The Storied History of Spring-Rock Farm

Posted by Sheila Patinkin on

Wagyu cattle have a rich history, with deep Japanese roots. Wagyu cattle were originally brought into the US during a short period of time in the last century, and today Wagyu is still very rare. In the Northeast, Vermont Wagyu at Spring-Rock Farm is one of several sites raising these Japanese cows. There are a number of farms with just a handful of wagyu, but there are only three with over 200 full-blood wagyu. Vermont Wagyu was the first Full-Blood Wagyu breeder in New England.

 

Aside from the incredible legacy of Wagyu cattle, Spring-Rock Farm is rich in history all its own. The farm was built atop Parker Hill, spanning Springfield and Rockingham, Vermont (hence the name Spring-Rock), in the same year that President George Washington gave his first State of the Union Address. That was in 1790, and Vermont would not officially gain statehood until the following spring. Today, nestled not far from the Connecticut River border between Vermont and New Hampshire, Spring-Rock Farm remains a working reminder of the original farming community of the area.

The farm was established by the Fletcher family, led by Peter Fletcher and his son, David. The Fletchers were settlers, looking for a steady life. Working the land and maintaining a homestead was much more attractive to them than the prospect of setting out as hunters and trappers, always on the move. And so, the family built a home and farm to fulfill their basic needs, raising barns for their livestock and designing housing to fit each member of the family.

For nearly 100 years, the Fletcher family lived on and maintained the land, before selling the house to a man named George Tanner. Tanner would go on to add an heirloom apple orchard and continue to use the three barns for a herd of dairy cows, maintaining the farm as his own until the 1920s. The farm has continued to change hands over the years, but always with great care to maintain and respect its storied history. Under the ownership of the Luce family, plumbing and electricity were added to the historic buildings in the 1960s. In 2005, well water was first added by the Stillman family.

Today, the farm is a part of the Parker Hill District , a National Historic Site designated in 1993, consisting of the 25 buildings built in the late 1700s and early 1800s that supported this farming community.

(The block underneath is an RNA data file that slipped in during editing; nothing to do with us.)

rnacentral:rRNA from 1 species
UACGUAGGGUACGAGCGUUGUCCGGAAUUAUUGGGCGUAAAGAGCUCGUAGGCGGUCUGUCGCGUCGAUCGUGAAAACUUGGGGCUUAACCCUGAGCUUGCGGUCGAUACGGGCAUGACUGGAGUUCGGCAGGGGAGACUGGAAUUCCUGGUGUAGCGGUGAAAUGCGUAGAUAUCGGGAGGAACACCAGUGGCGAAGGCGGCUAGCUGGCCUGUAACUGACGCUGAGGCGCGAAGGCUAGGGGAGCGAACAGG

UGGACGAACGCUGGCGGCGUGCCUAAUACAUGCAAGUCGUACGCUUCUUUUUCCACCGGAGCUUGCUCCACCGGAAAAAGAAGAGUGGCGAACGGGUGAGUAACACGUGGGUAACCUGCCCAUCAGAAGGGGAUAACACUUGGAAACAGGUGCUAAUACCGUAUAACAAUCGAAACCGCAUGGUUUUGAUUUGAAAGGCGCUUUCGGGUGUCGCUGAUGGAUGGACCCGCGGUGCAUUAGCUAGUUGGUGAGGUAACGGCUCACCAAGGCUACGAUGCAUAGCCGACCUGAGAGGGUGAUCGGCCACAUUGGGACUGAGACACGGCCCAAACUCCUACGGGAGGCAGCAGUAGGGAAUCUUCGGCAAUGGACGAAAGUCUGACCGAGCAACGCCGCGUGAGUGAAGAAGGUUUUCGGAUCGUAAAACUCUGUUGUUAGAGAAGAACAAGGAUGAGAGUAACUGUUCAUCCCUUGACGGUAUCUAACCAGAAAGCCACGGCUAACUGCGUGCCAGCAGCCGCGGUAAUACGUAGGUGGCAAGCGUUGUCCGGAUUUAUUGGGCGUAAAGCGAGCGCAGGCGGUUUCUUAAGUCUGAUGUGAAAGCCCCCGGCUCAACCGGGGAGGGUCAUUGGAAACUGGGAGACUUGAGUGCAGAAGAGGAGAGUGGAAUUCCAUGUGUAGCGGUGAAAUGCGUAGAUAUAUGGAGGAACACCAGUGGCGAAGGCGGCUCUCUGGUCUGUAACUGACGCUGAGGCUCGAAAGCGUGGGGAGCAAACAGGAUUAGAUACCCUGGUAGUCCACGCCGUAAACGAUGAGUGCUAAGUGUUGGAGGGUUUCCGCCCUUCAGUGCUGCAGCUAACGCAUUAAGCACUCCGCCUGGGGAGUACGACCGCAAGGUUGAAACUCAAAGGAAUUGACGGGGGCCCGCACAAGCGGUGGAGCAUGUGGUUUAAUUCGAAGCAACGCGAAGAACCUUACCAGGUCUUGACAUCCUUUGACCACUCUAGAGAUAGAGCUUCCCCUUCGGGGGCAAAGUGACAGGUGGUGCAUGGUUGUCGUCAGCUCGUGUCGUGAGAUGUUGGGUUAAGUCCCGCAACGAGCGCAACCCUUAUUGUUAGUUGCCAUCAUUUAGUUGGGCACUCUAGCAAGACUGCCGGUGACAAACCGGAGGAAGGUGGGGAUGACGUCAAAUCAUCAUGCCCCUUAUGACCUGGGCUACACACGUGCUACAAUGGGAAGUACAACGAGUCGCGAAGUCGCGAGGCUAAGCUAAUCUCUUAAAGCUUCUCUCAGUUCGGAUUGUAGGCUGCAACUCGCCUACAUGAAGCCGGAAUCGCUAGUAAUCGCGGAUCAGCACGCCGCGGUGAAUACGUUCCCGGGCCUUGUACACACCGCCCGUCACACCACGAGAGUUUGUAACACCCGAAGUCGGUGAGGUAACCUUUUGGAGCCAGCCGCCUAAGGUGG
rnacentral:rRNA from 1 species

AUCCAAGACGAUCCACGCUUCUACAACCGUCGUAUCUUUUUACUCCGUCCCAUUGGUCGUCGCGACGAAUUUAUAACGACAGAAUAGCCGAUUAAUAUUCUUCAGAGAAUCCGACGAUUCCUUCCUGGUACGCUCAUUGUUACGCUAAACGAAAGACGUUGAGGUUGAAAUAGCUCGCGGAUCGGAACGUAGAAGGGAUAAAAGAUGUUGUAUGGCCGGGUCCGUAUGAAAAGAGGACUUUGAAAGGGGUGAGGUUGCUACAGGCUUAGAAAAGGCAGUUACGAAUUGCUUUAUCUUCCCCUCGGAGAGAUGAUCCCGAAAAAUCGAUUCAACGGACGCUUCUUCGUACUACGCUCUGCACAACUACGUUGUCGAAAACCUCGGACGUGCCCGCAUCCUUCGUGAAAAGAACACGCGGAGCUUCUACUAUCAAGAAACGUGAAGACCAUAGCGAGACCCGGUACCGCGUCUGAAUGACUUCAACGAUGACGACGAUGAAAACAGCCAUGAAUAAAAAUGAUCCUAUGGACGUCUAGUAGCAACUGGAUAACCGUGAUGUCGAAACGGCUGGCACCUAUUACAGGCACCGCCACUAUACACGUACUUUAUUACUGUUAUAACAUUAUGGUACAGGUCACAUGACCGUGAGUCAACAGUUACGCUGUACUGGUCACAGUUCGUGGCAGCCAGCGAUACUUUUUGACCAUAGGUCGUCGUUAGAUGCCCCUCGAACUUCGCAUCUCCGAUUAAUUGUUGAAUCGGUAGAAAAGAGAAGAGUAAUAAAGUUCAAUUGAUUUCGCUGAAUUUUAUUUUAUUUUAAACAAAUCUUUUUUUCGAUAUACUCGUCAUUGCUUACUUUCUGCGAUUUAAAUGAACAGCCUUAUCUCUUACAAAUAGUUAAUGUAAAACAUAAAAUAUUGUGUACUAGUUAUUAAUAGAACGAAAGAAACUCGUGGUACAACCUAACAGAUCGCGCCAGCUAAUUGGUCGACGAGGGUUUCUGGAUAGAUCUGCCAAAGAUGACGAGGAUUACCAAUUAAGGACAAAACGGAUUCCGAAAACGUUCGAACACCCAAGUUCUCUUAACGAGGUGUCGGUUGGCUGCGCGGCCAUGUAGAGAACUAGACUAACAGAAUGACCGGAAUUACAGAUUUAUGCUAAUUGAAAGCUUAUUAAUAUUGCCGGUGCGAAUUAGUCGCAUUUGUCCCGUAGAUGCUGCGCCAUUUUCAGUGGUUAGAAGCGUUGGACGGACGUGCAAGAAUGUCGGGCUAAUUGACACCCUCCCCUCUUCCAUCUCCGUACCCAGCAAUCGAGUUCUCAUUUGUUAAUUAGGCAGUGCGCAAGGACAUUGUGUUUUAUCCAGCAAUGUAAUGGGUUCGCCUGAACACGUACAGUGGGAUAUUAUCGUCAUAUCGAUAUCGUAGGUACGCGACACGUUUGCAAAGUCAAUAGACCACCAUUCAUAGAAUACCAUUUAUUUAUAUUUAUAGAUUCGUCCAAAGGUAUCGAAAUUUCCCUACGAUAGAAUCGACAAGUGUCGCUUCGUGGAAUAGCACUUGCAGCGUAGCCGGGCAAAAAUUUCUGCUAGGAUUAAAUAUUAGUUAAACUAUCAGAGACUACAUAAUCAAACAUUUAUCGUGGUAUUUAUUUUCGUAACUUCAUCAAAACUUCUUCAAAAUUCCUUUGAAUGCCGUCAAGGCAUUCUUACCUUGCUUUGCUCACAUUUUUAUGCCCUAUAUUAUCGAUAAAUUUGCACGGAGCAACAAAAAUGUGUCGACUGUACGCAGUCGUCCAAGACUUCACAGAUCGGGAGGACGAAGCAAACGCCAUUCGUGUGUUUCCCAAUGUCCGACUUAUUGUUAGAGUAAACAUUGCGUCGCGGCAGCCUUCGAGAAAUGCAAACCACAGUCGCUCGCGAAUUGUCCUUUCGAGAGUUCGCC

Most recently, the Patinkin family settled on the property in 2006, operating the land as the Wagyu farm it is today. Dr. Sheila Patinkin, who owns and operates Spring-Rock Farm, grew up going to high school just down the road before leaving for college. After retiring from medicine in the mid-2000’s, she was inspired to return to the area and start farming. Her cousin raises Wagyu in Montana, and so Sheila bought 20 Embryos from Washington State that resulted in her first 10 calves. She now has 400 full-blood Wagyu locally, is personally involved with their care and diets, and could tell you the name of every cattle under her care. Each animal has certified full-blood parentage through the American Wagyu Association. Her livestock supervisor and esteemed advisor is Roger Osinchuk, a Veterinarian from an Alberta Canada Angus ranch homestead. In addition to the Full-Blood Wagyu, the farm is also home to chickens and bunnies, as well as herd dog Riley, and livestock guardian dog, Luigi, to the delight of Sheila’s grandchildren.

The mission of the farm is to build a profitable community in and around Vermont by helping others interested in raising or cross-breeding wagyu. The farm incorporates 350 acres in total and is ideally situated for this project. It’s small, featuring just five and ten acre hillside pastures with natural features that protect the Wagyu from harsh wind and snowdrifts. “Our goal is to be a small farm forever,” Patinkin said.


Want to learn even more about the history of Parker Hill, Vermont? Check out
Hamlet in the Hills by Gladness Wharton Luce.

Or, curious to see our farm in action today? Stop on by! We warmly invite visitors, but request that you call first for an appointment as we are not always at home and we do not have set office hours. Call 847-702-7812, or text, and we will arrange your visit.

Live too far from VT to visit? Experience the farm in your own kitchen when you order VT Wagyu beef online.

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